She was born in Paris as Henriette Rosine Bernard, the eldest surviving illegitimate daughter of Judith van Hard, a Dutch Jewish courtesan known as "Youle." Her father was reportedly Edouard Bernard, a French lawyer, and she was educated in French Catholic convents. To support herself, she combined the career of an actress with that of a courtesan - at the time, the two were considered scandalous to a roughly equal degree. She was sponsored into the Conservatoire de Musique et Déclamation by the Duc de Morny in 1859 for theatrical training.



Her stage career started in 1862, largely in comic theatre and burlesque. She made her fame on the stages of Europe in the 1870s, and was soon in demand all over Europe and in the United States. She soon developed a reputation as a serious dramatic actress, earning the title, "The Divine Sarah"; arguably, she may have been the most famous actress of the 19th century.



Although primarily a stage actress, Bernhardt made several cylinders and discs of famous dialogue from various productions. One of the earliest was a reading from Phèdre by Jean Racine, at Thomas Edison's home on a visit to New York City in the 1880s. Multi-talented, she was involved with the visual arts as well as acting, painting and sculpting herself, as well as modelling for Antonio de La Gandara. She was also to publish a series of books and plays throughout her life.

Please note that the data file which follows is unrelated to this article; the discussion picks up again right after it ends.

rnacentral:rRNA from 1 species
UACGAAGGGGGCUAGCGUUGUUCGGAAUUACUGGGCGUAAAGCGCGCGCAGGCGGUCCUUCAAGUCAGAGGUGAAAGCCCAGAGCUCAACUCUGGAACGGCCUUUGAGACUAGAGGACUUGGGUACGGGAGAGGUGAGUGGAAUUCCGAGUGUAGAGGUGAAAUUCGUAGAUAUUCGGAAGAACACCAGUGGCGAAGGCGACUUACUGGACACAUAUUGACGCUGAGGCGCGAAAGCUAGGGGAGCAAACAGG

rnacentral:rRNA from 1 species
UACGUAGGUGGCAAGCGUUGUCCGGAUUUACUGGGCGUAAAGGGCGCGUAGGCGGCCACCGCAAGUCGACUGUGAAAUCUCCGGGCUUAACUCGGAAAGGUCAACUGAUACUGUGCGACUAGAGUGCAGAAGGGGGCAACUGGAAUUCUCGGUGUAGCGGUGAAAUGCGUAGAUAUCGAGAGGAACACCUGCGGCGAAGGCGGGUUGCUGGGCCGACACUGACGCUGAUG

Her social life was as continuously active. She had an affair with a Belgian nobleman, Charles-Joseph-Eugene-Henri, Prince de Ligne, with whom she had her only child, the writer Maurice Bernhardt, in 1864 (he married a Polish princess, Maria Jablonowska, 1863-1914). Later lovers included several artists (Gustave Doré and Georges Clarin) and actors (Mounet-Sully and Lou Tellegen). She married Greek-born actor Aristides Damala (aka Jacques Damala) in London in 1882, but the marriage, which legally endured until Damala's death in 1889 at age 34, was quickly collapsed, largely due to the young actor's dependence on morphine.